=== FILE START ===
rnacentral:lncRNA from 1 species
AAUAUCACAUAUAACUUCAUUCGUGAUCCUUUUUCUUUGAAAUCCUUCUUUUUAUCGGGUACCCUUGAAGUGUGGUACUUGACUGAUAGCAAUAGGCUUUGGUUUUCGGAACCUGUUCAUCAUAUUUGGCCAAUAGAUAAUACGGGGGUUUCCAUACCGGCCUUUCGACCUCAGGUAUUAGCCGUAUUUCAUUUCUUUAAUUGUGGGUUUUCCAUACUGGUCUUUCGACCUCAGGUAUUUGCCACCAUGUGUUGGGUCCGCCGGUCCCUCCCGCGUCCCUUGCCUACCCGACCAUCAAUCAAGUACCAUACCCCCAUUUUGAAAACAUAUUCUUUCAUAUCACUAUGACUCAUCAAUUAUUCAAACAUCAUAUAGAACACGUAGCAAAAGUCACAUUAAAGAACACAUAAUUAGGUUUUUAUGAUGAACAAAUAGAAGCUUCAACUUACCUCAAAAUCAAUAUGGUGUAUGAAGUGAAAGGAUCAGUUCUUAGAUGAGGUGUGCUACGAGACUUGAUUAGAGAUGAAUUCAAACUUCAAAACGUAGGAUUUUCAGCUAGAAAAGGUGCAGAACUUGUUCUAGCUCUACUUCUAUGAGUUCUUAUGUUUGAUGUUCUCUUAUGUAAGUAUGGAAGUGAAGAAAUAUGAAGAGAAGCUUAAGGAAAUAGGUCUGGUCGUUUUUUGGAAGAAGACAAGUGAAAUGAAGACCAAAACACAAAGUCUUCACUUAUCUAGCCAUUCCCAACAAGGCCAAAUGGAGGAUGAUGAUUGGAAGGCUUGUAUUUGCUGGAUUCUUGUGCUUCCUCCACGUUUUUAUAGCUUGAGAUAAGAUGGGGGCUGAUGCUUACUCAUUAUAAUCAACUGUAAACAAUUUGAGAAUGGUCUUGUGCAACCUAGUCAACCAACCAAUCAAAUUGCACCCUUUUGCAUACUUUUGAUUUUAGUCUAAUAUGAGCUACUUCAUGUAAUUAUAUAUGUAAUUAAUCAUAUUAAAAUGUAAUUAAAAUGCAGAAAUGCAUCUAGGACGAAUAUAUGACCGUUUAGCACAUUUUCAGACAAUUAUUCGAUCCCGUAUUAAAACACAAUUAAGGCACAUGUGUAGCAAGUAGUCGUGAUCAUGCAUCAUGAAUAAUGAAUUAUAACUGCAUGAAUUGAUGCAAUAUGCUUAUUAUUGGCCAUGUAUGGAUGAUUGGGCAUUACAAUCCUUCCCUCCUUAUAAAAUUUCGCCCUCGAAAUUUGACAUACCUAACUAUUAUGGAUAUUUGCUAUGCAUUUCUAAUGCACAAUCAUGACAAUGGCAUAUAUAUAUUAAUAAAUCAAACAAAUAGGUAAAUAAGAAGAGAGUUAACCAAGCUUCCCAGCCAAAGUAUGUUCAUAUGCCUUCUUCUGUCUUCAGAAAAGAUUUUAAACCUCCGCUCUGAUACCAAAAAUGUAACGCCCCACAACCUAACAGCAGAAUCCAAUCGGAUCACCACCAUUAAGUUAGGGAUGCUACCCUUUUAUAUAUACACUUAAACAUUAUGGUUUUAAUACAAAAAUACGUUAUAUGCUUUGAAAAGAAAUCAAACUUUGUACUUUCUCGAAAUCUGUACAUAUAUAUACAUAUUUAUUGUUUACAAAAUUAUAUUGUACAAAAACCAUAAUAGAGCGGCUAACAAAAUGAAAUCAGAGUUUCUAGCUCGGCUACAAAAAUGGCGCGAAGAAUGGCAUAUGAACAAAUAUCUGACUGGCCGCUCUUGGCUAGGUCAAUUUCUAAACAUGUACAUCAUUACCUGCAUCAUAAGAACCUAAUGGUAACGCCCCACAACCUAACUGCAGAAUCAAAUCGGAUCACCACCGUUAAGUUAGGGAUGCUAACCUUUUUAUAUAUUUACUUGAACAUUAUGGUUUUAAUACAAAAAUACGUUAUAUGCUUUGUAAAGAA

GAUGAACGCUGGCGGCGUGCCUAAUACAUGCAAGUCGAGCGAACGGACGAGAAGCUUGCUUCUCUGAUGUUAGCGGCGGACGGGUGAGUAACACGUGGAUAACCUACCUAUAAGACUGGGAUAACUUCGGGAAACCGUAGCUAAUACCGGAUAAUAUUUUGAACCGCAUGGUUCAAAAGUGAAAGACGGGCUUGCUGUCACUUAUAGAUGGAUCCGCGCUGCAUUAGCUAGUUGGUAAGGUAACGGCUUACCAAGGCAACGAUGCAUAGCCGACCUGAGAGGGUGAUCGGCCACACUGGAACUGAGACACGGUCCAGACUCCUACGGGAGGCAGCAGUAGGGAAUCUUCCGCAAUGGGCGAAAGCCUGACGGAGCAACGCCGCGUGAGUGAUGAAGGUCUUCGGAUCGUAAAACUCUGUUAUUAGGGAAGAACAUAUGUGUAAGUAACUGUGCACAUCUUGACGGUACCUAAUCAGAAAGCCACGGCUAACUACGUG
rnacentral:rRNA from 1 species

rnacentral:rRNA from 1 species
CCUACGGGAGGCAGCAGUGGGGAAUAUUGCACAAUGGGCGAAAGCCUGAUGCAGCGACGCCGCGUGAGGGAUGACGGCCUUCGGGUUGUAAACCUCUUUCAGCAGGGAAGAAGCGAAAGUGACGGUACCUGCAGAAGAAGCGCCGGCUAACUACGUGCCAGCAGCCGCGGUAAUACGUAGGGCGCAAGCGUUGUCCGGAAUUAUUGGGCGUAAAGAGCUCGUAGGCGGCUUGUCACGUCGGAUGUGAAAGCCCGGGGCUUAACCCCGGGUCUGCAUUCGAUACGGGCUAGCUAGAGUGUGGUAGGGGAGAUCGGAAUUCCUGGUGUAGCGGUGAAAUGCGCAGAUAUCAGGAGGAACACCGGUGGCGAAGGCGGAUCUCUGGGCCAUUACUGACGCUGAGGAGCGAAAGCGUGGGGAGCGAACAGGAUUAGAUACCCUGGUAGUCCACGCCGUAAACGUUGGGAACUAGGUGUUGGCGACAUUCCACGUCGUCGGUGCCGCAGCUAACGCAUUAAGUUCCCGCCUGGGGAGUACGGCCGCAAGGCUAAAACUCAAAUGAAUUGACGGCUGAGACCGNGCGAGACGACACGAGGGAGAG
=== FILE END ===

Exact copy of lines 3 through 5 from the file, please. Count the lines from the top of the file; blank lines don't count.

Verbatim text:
GAUGAACGCUGGCGGCGUGCCUAAUACAUGCAAGUCGAGCGAACGGACGAGAAGCUUGCUUCUCUGAUGUUAGCGGCGGACGGGUGAGUAACACGUGGAUAACCUACCUAUAAGACUGGGAUAACUUCGGGAAACCGUAGCUAAUACCGGAUAAUAUUUUGAACCGCAUGGUUCAAAAGUGAAAGACGGGCUUGCUGUCACUUAUAGAUGGAUCCGCGCUGCAUUAGCUAGUUGGUAAGGUAACGGCUUACCAAGGCAACGAUGCAUAGCCGACCUGAGAGGGUGAUCGGCCACACUGGAACUGAGACACGGUCCAGACUCCUACGGGAGGCAGCAGUAGGGAAUCUUCCGCAAUGGGCGAAAGCCUGACGGAGCAACGCCGCGUGAGUGAUGAAGGUCUUCGGAUCGUAAAACUCUGUUAUUAGGGAAGAACAUAUGUGUAAGUAACUGUGCACAUCUUGACGGUACCUAAUCAGAAAGCCACGGCUAACUACGUG
rnacentral:rRNA from 1 species

rnacentral:rRNA from 1 species